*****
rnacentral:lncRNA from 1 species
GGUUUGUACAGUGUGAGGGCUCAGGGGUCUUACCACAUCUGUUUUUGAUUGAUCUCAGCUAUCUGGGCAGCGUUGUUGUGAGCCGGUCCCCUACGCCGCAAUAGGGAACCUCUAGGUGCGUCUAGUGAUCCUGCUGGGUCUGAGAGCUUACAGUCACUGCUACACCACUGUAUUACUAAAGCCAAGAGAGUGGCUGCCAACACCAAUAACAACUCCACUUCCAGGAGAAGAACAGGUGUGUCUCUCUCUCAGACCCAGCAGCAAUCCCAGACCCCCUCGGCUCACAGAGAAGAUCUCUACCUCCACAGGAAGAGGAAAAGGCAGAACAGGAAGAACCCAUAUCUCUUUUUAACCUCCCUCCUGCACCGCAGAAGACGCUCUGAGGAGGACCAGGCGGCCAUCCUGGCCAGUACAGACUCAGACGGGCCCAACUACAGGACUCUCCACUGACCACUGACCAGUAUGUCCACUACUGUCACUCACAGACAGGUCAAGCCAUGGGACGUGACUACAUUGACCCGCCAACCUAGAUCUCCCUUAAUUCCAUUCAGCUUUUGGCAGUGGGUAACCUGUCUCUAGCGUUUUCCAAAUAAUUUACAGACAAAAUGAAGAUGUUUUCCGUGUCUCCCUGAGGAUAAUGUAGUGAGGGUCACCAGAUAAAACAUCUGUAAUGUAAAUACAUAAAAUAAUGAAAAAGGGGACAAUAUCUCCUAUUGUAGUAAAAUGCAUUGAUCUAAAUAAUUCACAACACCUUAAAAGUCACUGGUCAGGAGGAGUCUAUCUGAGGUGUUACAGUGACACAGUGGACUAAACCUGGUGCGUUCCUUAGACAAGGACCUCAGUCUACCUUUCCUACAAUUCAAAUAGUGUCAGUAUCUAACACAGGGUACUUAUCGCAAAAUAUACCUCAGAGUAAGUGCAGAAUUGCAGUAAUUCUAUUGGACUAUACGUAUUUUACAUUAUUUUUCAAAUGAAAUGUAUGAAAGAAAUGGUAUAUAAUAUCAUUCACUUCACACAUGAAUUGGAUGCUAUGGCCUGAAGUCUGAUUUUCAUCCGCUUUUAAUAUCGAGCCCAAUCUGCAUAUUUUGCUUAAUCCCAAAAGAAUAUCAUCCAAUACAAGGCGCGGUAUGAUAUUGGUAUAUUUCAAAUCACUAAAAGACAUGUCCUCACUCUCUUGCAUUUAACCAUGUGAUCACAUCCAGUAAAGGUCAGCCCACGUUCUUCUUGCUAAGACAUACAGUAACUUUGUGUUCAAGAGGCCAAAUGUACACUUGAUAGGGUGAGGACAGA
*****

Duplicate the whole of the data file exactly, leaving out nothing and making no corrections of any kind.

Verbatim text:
rnacentral:lncRNA from 1 species
GGUUUGUACAGUGUGAGGGCUCAGGGGUCUUACCACAUCUGUUUUUGAUUGAUCUCAGCUAUCUGGGCAGCGUUGUUGUGAGCCGGUCCCCUACGCCGCAAUAGGGAACCUCUAGGUGCGUCUAGUGAUCCUGCUGGGUCUGAGAGCUUACAGUCACUGCUACACCACUGUAUUACUAAAGCCAAGAGAGUGGCUGCCAACACCAAUAACAACUCCACUUCCAGGAGAAGAACAGGUGUGUCUCUCUCUCAGACCCAGCAGCAAUCCCAGACCCCCUCGGCUCACAGAGAAGAUCUCUACCUCCACAGGAAGAGGAAAAGGCAGAACAGGAAGAACCCAUAUCUCUUUUUAACCUCCCUCCUGCACCGCAGAAGACGCUCUGAGGAGGACCAGGCGGCCAUCCUGGCCAGUACAGACUCAGACGGGCCCAACUACAGGACUCUCCACUGACCACUGACCAGUAUGUCCACUACUGUCACUCACAGACAGGUCAAGCCAUGGGACGUGACUACAUUGACCCGCCAACCUAGAUCUCCCUUAAUUCCAUUCAGCUUUUGGCAGUGGGUAACCUGUCUCUAGCGUUUUCCAAAUAAUUUACAGACAAAAUGAAGAUGUUUUCCGUGUCUCCCUGAGGAUAAUGUAGUGAGGGUCACCAGAUAAAACAUCUGUAAUGUAAAUACAUAAAAUAAUGAAAAAGGGGACAAUAUCUCCUAUUGUAGUAAAAUGCAUUGAUCUAAAUAAUUCACAACACCUUAAAAGUCACUGGUCAGGAGGAGUCUAUCUGAGGUGUUACAGUGACACAGUGGACUAAACCUGGUGCGUUCCUUAGACAAGGACCUCAGUCUACCUUUCCUACAAUUCAAAUAGUGUCAGUAUCUAACACAGGGUACUUAUCGCAAAAUAUACCUCAGAGUAAGUGCAGAAUUGCAGUAAUUCUAUUGGACUAUACGUAUUUUACAUUAUUUUUCAAAUGAAAUGUAUGAAAGAAAUGGUAUAUAAUAUCAUUCACUUCACACAUGAAUUGGAUGCUAUGGCCUGAAGUCUGAUUUUCAUCCGCUUUUAAUAUCGAGCCCAAUCUGCAUAUUUUGCUUAAUCCCAAAAGAAUAUCAUCCAAUACAAGGCGCGGUAUGAUAUUGGUAUAUUUCAAAUCACUAAAAGACAUGUCCUCACUCUCUUGCAUUUAACCAUGUGAUCACAUCCAGUAAAGGUCAGCCCACGUUCUUCUUGCUAAGACAUACAGUAACUUUGUGUUCAAGAGGCCAAAUGUACACUUGAUAGGGUGAGGACAGA